Open defecation - a major breeding ground for rapes
Statistics reveal that in Bihar, which is one of India’s poorest states, around 85% of the rural households do not have access to a toilet. Even generally speaking, isn't that alarming enough? To spare a thought about the women in particular makes the picture even uglier! What plight they must be subjected to, every day of their daily life, when they go out to defecate in the open. It does not simply end at that: there’s something worse-these women often become victims of rape.
There have been more than 900 cases of rapes reported in Bihar last year, out of which many such catastrophes have occurred due to lack of access to basic sanitation to a major section of the Indian population. They do not enjoy the “facilities” of flush toilets and latrines, which is actually a basic amenity. The worst tragedy of our country, or perhaps, the world is that while such gruesome instances of violation of a human being occurs rampantly, people still shy away from even mentioning the word “defecation” or discussing such an issue in public. A joint report by UNICEF and WHO has brought to light that more than 1.1 billion people in the world practice open defecation, out of which the majority belongs to the Indian populace. It is followed by Indonesia, Pakistan, Ethiopia and Nigeria. Not only are women subjected to day-to-day humiliation and risks, but also stand chances of facing something much more disastrous.
What’s worse, in countries such as Pakistan, where women and girls do not have proper facilities for sanitation, they defecate in the open only at night so as to adhere to their strict societal norms, which put them at further risk of violence and abuse, including rape. Moving out of our comfort zones and familiar territories, we need to open our eyes to the fact that not all women crowd into discotheques and pubs, there are beelines of women in the not-so-urbanized parts of our country who defecate in the dark so that they are not stared at. Pitiably enough, staring is not even a cause of concern, they are rather plagued by far graver issues of stalking and rape. Many women in the rural parts of India have already borne the brunt of this social malady while they were on their way to defecate and were taken advantage of, in the darkness of evenings & emptiness of the surroundings.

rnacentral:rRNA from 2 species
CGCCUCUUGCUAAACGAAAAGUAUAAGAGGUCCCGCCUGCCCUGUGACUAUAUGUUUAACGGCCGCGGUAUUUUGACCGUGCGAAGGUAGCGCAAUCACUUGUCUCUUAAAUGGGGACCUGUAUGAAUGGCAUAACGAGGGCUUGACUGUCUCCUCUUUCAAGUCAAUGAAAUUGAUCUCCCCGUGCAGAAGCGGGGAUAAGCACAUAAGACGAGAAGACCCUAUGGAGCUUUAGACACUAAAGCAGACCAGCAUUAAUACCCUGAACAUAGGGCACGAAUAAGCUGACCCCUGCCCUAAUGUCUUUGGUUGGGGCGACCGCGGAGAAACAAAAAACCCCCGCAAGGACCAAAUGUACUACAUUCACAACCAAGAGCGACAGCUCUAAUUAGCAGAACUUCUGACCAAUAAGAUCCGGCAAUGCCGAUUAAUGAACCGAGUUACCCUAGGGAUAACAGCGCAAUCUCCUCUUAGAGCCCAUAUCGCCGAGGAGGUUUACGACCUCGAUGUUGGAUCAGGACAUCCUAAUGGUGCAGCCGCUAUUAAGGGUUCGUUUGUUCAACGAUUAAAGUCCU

This issue demands immediate attention as this results in not only a loss of dignity for so many girls and women but can also leave them ill due to various forms of contamination, leave alone the chances of rape. The government should take prompt measures and remedial actions to redress this menacing thing so that women in all parts of India have access to proper, clean toilets, so that the “worrisome trend” that has been witnessed can be brought to an end. According to a BBC report carried out in May 2013, a senior police official had reportedly stated that such cases happen every month in Bihar, adding that about 400 women could have “escaped” rape last year if they had toilets in their homes. This is enough to motivate the society as a whole to do the needful in this direction, so that not even one more woman is meted out to such a lowly practice.